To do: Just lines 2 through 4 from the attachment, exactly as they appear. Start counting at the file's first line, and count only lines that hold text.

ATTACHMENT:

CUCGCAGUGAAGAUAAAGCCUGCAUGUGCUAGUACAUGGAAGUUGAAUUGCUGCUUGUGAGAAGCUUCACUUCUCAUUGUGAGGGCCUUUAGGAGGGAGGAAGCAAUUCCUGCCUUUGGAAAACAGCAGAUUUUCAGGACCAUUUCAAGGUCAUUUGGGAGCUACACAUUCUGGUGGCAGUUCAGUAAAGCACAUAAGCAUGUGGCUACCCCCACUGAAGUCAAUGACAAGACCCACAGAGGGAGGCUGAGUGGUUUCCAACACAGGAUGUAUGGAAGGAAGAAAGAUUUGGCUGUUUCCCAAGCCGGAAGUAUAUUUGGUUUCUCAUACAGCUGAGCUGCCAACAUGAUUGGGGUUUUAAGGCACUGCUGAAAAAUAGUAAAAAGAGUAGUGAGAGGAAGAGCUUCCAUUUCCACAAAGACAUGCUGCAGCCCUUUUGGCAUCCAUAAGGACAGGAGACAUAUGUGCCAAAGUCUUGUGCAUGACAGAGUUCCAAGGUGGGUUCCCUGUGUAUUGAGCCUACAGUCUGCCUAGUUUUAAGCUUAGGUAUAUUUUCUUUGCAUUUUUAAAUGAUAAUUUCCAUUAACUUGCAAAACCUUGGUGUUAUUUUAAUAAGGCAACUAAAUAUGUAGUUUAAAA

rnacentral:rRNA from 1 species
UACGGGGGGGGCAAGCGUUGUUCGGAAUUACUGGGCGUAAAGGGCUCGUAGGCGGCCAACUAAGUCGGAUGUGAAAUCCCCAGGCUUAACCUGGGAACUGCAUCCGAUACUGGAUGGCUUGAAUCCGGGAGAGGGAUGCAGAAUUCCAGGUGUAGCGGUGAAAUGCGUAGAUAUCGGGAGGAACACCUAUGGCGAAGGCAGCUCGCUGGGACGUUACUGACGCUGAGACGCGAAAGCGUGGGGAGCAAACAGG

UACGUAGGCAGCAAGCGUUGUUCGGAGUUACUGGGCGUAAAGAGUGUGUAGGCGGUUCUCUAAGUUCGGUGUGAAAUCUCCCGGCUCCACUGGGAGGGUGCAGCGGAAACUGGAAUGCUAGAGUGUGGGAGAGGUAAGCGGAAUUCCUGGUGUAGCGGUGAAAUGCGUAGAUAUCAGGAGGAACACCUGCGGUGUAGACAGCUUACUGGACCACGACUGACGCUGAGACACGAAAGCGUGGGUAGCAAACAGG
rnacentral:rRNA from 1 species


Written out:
rnacentral:rRNA from 1 species
UACGGGGGGGGCAAGCGUUGUUCGGAAUUACUGGGCGUAAAGGGCUCGUAGGCGGCCAACUAAGUCGGAUGUGAAAUCCCCAGGCUUAACCUGGGAACUGCAUCCGAUACUGGAUGGCUUGAAUCCGGGAGAGGGAUGCAGAAUUCCAGGUGUAGCGGUGAAAUGCGUAGAUAUCGGGAGGAACACCUAUGGCGAAGGCAGCUCGCUGGGACGUUACUGACGCUGAGACGCGAAAGCGUGGGGAGCAAACAGG

UACGUAGGCAGCAAGCGUUGUUCGGAGUUACUGGGCGUAAAGAGUGUGUAGGCGGUUCUCUAAGUUCGGUGUGAAAUCUCCCGGCUCCACUGGGAGGGUGCAGCGGAAACUGGAAUGCUAGAGUGUGGGAGAGGUAAGCGGAAUUCCUGGUGUAGCGGUGAAAUGCGUAGAUAUCAGGAGGAACACCUGCGGUGUAGACAGCUUACUGGACCACGACUGACGCUGAGACACGAAAGCGUGGGUAGCAAACAGG